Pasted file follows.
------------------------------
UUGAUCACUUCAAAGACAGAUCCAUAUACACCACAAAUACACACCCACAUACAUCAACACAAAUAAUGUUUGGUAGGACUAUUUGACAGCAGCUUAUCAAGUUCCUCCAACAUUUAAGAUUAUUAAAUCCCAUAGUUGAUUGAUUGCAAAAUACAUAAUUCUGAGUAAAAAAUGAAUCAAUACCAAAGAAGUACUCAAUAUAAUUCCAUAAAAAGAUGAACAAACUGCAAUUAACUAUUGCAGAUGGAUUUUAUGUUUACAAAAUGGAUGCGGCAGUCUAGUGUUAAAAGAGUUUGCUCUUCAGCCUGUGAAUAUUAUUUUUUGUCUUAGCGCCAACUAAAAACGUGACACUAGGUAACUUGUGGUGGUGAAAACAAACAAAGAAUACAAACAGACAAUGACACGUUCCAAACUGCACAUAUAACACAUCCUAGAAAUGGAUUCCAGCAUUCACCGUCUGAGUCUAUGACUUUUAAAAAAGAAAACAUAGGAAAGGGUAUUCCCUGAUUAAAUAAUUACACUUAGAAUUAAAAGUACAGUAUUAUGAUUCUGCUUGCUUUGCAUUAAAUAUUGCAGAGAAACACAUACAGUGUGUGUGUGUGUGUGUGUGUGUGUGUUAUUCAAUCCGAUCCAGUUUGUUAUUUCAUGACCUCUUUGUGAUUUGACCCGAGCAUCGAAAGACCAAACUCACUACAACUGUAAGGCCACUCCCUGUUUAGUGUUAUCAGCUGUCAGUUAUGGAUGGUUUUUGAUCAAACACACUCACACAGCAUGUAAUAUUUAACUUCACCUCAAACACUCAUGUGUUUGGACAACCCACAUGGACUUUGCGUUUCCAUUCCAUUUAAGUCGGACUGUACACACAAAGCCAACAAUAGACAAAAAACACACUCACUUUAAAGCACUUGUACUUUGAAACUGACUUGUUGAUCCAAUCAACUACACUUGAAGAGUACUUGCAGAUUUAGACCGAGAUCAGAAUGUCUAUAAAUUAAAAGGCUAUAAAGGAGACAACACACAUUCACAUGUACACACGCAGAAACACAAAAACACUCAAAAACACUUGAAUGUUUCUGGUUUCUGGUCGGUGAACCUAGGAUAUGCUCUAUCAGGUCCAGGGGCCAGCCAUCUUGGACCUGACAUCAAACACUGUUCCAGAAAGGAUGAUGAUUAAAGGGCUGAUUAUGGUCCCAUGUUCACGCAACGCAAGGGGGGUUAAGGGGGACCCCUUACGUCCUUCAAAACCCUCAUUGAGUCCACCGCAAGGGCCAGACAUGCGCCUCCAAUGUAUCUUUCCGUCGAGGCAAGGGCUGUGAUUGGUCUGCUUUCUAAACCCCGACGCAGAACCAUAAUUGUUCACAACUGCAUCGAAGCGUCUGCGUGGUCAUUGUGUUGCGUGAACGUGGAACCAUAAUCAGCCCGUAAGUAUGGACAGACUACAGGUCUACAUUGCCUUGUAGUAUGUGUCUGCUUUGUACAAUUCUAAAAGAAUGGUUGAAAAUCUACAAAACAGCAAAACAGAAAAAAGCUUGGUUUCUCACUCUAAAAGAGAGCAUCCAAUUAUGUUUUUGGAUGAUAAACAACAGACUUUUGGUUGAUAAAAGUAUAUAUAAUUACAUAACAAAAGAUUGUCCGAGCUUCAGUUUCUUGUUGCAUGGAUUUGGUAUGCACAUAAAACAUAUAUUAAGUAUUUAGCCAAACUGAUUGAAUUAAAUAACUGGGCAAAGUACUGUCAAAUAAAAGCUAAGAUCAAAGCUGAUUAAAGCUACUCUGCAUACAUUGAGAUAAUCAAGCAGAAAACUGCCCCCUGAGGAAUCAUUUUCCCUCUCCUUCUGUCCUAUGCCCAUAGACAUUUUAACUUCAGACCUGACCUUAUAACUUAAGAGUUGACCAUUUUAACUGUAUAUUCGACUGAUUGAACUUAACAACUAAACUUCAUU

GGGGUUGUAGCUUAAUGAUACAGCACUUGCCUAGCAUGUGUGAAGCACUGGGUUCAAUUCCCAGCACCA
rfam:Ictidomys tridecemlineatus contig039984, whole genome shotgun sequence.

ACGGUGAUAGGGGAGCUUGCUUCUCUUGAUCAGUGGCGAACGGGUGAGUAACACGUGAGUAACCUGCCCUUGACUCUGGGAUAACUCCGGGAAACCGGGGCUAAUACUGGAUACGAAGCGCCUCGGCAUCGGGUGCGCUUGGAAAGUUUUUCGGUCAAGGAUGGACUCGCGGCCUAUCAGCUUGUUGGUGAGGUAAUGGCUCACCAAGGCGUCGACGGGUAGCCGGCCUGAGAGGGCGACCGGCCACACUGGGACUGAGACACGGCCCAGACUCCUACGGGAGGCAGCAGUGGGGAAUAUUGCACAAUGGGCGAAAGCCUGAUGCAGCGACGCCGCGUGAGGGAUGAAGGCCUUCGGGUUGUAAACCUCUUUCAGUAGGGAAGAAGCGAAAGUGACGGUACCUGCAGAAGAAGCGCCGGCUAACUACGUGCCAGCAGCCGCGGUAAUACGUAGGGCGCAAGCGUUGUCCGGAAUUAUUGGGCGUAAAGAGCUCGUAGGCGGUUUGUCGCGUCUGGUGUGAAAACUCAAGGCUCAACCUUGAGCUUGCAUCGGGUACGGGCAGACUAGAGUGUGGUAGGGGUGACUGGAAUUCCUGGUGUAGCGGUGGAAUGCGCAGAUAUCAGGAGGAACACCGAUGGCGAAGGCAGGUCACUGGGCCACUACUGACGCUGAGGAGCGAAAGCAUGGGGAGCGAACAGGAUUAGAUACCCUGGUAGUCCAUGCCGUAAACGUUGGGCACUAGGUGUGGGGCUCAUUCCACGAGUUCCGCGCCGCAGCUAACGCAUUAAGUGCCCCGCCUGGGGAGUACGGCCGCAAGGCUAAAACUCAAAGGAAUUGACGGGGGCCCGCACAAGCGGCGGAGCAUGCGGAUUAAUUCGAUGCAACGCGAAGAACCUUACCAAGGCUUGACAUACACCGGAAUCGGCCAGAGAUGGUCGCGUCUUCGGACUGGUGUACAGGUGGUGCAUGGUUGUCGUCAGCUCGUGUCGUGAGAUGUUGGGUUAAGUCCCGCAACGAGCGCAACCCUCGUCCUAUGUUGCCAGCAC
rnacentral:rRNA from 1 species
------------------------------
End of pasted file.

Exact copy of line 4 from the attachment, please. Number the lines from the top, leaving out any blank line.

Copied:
ACGGUGAUAGGGGAGCUUGCUUCUCUUGAUCAGUGGCGAACGGGUGAGUAACACGUGAGUAACCUGCCCUUGACUCUGGGAUAACUCCGGGAAACCGGGGCUAAUACUGGAUACGAAGCGCCUCGGCAUCGGGUGCGCUUGGAAAGUUUUUCGGUCAAGGAUGGACUCGCGGCCUAUCAGCUUGUUGGUGAGGUAAUGGCUCACCAAGGCGUCGACGGGUAGCCGGCCUGAGAGGGCGACCGGCCACACUGGGACUGAGACACGGCCCAGACUCCUACGGGAGGCAGCAGUGGGGAAUAUUGCACAAUGGGCGAAAGCCUGAUGCAGCGACGCCGCGUGAGGGAUGAAGGCCUUCGGGUUGUAAACCUCUUUCAGUAGGGAAGAAGCGAAAGUGACGGUACCUGCAGAAGAAGCGCCGGCUAACUACGUGCCAGCAGCCGCGGUAAUACGUAGGGCGCAAGCGUUGUCCGGAAUUAUUGGGCGUAAAGAGCUCGUAGGCGGUUUGUCGCGUCUGGUGUGAAAACUCAAGGCUCAACCUUGAGCUUGCAUCGGGUACGGGCAGACUAGAGUGUGGUAGGGGUGACUGGAAUUCCUGGUGUAGCGGUGGAAUGCGCAGAUAUCAGGAGGAACACCGAUGGCGAAGGCAGGUCACUGGGCCACUACUGACGCUGAGGAGCGAAAGCAUGGGGAGCGAACAGGAUUAGAUACCCUGGUAGUCCAUGCCGUAAACGUUGGGCACUAGGUGUGGGGCUCAUUCCACGAGUUCCGCGCCGCAGCUAACGCAUUAAGUGCCCCGCCUGGGGAGUACGGCCGCAAGGCUAAAACUCAAAGGAAUUGACGGGGGCCCGCACAAGCGGCGGAGCAUGCGGAUUAAUUCGAUGCAACGCGAAGAACCUUACCAAGGCUUGACAUACACCGGAAUCGGCCAGAGAUGGUCGCGUCUUCGGACUGGUGUACAGGUGGUGCAUGGUUGUCGUCAGCUCGUGUCGUGAGAUGUUGGGUUAAGUCCCGCAACGAGCGCAACCCUCGUCCUAUGUUGCCAGCAC